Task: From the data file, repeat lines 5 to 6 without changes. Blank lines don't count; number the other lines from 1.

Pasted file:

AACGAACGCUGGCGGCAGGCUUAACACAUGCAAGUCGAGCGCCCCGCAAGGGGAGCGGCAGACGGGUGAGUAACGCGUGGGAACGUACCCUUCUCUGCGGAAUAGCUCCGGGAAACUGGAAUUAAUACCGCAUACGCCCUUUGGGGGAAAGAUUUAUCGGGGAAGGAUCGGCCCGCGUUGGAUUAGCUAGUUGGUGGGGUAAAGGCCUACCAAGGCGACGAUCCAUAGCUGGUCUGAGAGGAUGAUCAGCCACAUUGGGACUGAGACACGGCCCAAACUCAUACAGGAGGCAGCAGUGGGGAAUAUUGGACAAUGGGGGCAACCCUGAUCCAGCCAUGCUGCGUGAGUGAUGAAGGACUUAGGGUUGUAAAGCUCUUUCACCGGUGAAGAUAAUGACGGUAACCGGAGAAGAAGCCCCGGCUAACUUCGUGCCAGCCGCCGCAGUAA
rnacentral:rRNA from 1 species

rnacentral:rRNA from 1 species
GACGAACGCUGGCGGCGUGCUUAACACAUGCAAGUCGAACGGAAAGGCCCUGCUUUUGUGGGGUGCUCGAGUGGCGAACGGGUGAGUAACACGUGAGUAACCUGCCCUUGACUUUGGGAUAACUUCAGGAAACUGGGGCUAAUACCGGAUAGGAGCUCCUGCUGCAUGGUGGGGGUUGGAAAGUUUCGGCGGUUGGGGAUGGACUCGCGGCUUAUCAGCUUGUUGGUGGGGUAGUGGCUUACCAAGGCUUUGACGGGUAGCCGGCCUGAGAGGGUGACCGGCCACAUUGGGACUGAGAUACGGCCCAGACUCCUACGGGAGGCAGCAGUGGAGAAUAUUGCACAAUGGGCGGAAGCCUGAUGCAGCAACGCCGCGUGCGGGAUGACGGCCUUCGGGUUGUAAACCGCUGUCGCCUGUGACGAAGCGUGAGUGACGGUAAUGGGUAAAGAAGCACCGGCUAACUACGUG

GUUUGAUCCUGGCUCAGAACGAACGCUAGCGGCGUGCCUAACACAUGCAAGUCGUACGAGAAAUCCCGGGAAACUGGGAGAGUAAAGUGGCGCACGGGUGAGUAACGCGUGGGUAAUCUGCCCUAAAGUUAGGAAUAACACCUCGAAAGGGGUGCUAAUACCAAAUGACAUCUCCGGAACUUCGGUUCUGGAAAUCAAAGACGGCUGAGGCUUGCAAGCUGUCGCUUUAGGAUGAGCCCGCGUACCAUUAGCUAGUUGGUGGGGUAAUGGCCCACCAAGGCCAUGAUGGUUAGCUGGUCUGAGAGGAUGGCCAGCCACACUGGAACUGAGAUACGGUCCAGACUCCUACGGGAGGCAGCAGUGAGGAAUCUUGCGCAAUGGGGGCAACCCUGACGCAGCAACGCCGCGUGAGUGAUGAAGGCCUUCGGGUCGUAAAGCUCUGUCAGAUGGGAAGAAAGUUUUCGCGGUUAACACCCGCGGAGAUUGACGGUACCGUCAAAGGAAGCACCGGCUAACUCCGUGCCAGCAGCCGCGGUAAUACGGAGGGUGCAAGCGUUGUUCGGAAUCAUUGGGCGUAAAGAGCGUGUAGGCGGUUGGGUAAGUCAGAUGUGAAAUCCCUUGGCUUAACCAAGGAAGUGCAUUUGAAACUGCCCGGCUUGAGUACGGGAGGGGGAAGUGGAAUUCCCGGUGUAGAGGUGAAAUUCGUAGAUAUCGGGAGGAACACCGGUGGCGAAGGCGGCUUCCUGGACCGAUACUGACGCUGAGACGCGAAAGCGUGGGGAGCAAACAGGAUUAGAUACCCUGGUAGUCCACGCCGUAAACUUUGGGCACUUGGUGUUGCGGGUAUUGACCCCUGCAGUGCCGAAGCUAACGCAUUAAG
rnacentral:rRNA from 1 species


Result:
GUUUGAUCCUGGCUCAGAACGAACGCUAGCGGCGUGCCUAACACAUGCAAGUCGUACGAGAAAUCCCGGGAAACUGGGAGAGUAAAGUGGCGCACGGGUGAGUAACGCGUGGGUAAUCUGCCCUAAAGUUAGGAAUAACACCUCGAAAGGGGUGCUAAUACCAAAUGACAUCUCCGGAACUUCGGUUCUGGAAAUCAAAGACGGCUGAGGCUUGCAAGCUGUCGCUUUAGGAUGAGCCCGCGUACCAUUAGCUAGUUGGUGGGGUAAUGGCCCACCAAGGCCAUGAUGGUUAGCUGGUCUGAGAGGAUGGCCAGCCACACUGGAACUGAGAUACGGUCCAGACUCCUACGGGAGGCAGCAGUGAGGAAUCUUGCGCAAUGGGGGCAACCCUGACGCAGCAACGCCGCGUGAGUGAUGAAGGCCUUCGGGUCGUAAAGCUCUGUCAGAUGGGAAGAAAGUUUUCGCGGUUAACACCCGCGGAGAUUGACGGUACCGUCAAAGGAAGCACCGGCUAACUCCGUGCCAGCAGCCGCGGUAAUACGGAGGGUGCAAGCGUUGUUCGGAAUCAUUGGGCGUAAAGAGCGUGUAGGCGGUUGGGUAAGUCAGAUGUGAAAUCCCUUGGCUUAACCAAGGAAGUGCAUUUGAAACUGCCCGGCUUGAGUACGGGAGGGGGAAGUGGAAUUCCCGGUGUAGAGGUGAAAUUCGUAGAUAUCGGGAGGAACACCGGUGGCGAAGGCGGCUUCCUGGACCGAUACUGACGCUGAGACGCGAAAGCGUGGGGAGCAAACAGGAUUAGAUACCCUGGUAGUCCACGCCGUAAACUUUGGGCACUUGGUGUUGCGGGUAUUGACCCCUGCAGUGCCGAAGCUAACGCAUUAAG
rnacentral:rRNA from 1 species